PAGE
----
What I Did:
So what are a gal and her trusty youth services tech to do when they need to throw together a popular program fast with little time to prepare? MINECRAFT TO THE RESCUE!
First, I hit up my favorite site ever, Pinterest, for some ideas. Thankfully, there are some moms who are ON IT out there, and have posted a ton of information about their amazing Minecraft parties. I scavenged for ideas that would work for us, made a quick trip to the store, and *boom* we were ready to go.
Luckily, the low-res, retro feel of Minecraft lends itself extremely well to papercrafting. I printed out plenty of these blocks here and set them out with glue sticks and scissors. As a note, if you do this at your library, the Creeper blocks were by far the most popular. Next time I’d just do all creepers, probably.
I also wanted to make lifesize torches. I grabbed a template at FPS-X-Games and picked up some electronic tea lights at the Dollar Tree. They definitely had them the cheapest I could find, at $2 a dollar. I may have been able to get them cheaper online if I had planned better, but, you live and you learn. The Dollar Tree candles at my Dollar Tree were multicolored and cycled through the rainbow, even though they didn’t indicate it anywhere on the package. This didn’t bother me or any of my tweens, but buyer beware, I guess.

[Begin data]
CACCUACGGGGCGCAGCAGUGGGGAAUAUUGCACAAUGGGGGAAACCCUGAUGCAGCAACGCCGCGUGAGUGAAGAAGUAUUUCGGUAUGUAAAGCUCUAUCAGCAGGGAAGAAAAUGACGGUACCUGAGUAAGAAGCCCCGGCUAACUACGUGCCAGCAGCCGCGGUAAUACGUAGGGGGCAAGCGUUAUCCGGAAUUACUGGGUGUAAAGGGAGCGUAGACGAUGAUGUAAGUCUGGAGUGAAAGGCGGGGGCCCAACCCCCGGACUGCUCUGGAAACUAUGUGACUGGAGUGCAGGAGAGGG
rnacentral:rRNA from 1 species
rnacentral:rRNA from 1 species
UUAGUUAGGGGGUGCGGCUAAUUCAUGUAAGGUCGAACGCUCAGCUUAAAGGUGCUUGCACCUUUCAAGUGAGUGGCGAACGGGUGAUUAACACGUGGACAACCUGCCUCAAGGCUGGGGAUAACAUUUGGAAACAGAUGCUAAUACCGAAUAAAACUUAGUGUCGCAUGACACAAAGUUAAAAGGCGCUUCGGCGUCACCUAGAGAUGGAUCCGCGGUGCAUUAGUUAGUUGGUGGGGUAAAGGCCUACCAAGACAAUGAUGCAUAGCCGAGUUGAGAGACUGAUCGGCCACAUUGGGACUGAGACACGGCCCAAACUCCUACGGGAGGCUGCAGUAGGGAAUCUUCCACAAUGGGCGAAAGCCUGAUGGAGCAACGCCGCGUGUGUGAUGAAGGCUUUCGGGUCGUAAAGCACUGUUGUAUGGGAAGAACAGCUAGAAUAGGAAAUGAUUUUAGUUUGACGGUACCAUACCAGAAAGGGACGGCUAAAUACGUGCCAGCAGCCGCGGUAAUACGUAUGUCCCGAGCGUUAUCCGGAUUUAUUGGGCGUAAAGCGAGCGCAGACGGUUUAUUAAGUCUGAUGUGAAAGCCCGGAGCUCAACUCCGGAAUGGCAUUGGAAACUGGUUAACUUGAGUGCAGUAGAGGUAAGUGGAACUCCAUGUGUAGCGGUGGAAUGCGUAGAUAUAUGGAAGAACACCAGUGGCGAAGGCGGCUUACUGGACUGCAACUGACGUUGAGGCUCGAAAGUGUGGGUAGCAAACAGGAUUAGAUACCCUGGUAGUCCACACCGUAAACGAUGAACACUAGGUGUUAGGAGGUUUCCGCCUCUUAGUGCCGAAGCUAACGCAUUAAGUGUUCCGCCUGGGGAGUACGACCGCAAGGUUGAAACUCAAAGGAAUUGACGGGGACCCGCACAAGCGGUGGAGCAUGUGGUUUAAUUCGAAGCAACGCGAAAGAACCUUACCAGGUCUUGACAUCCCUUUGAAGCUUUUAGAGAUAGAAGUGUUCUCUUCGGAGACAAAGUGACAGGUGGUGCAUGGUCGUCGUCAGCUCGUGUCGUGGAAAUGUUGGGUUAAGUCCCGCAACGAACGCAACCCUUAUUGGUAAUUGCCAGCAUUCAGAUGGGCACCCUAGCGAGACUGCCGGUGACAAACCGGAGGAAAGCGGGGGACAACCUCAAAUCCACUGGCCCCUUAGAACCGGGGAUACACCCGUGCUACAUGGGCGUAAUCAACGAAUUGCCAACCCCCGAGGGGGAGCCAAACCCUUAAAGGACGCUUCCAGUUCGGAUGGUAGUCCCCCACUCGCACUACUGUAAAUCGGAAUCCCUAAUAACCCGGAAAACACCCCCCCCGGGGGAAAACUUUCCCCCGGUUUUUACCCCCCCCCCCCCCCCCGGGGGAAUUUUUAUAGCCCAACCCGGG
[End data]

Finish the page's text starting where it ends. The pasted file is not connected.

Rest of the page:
Finally, I put out the old perler beads. Some basic patterns are found on this amazing Minecraft party page. I love perler beads because they’re cheap (we already have a tooooooooon of them) and they take a pretty long time. So it’s win/win in terms of bang for your buck. Also, everyone seems to love them, from young elementary school kids on up.
What I Bought:
$12 for 24 tealights
$2 for two bags of pretzels (“sticks”)
$6 for a box of Rice Crispie treats (“dirt”)
That’s it! If you’re following along at home, be sure to buy a few more tealights than you think you’ll need, as there will surely be a couple of duds in there.
How It Went:
This was a pretty darn well-attended program – we had 21 kiddos come out on a Thursday evening to celebrate all things Minecraft. During the program, we put on Minecraft videos from KidsTube, and after the first few, we let the tweens pick the next videos to watch. If you do this, put a signup sheet next to the computer! Otherwise everyone thinks they’re next.
The torches were super cool! If you do make them at home, make sure to print the template on cardstock, so it’s heavy enough to stand up on it’s own. We found that the best way to make the light stay at the top was to stuff the assembled torch full of crumpled up tissue paper, then just set the light on top.
This was a really fun program, and proof that, at my library at least, Minecraft shows no signs of letting up.